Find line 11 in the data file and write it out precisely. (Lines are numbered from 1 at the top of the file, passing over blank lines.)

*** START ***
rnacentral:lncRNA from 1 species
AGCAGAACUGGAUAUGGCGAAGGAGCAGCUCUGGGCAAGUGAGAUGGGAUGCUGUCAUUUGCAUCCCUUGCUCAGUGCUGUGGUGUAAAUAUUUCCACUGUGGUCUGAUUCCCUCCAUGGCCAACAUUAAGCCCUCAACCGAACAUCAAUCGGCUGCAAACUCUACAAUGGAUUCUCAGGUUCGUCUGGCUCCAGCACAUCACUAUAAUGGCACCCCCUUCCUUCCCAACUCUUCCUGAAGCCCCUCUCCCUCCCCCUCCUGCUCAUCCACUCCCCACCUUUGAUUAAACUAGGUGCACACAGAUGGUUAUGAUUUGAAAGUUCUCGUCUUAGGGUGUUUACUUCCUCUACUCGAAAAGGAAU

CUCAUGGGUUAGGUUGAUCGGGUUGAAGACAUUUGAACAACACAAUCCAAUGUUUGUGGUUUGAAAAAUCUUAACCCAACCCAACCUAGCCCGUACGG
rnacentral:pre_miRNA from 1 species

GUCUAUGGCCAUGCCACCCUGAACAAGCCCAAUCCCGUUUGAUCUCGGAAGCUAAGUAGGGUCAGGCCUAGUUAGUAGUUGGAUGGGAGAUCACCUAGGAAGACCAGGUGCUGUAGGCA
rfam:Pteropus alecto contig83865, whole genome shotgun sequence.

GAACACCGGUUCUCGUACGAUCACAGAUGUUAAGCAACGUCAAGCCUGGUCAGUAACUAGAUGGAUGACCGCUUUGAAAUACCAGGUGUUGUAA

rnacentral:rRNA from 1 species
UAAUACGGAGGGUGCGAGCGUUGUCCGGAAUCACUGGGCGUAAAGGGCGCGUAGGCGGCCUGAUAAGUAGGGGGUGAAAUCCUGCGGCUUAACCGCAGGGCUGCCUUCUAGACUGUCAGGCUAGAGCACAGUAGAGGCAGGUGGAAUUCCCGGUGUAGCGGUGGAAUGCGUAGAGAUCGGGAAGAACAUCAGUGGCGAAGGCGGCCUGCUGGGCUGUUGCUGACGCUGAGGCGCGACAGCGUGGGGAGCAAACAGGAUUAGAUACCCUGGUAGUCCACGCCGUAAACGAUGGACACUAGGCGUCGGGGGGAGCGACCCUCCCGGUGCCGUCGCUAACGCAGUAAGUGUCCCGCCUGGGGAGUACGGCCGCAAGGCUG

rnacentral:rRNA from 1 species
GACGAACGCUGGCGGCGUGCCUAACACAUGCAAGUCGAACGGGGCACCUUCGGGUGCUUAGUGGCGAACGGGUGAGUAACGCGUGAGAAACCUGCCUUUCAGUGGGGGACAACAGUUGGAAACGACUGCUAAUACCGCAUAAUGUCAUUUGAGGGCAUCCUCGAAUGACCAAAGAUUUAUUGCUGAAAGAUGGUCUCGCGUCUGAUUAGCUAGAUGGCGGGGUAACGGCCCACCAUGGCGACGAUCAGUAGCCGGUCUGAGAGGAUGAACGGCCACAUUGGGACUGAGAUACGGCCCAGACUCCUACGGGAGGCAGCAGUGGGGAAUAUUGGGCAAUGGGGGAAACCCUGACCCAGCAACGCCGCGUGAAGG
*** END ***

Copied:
GACGAACGCUGGCGGCGUGCCUAACACAUGCAAGUCGAACGGGGCACCUUCGGGUGCUUAGUGGCGAACGGGUGAGUAACGCGUGAGAAACCUGCCUUUCAGUGGGGGACAACAGUUGGAAACGACUGCUAAUACCGCAUAAUGUCAUUUGAGGGCAUCCUCGAAUGACCAAAGAUUUAUUGCUGAAAGAUGGUCUCGCGUCUGAUUAGCUAGAUGGCGGGGUAACGGCCCACCAUGGCGACGAUCAGUAGCCGGUCUGAGAGGAUGAACGGCCACAUUGGGACUGAGAUACGGCCCAGACUCCUACGGGAGGCAGCAGUGGGGAAUAUUGGGCAAUGGGGGAAACCCUGACCCAGCAACGCCGCGUGAAGG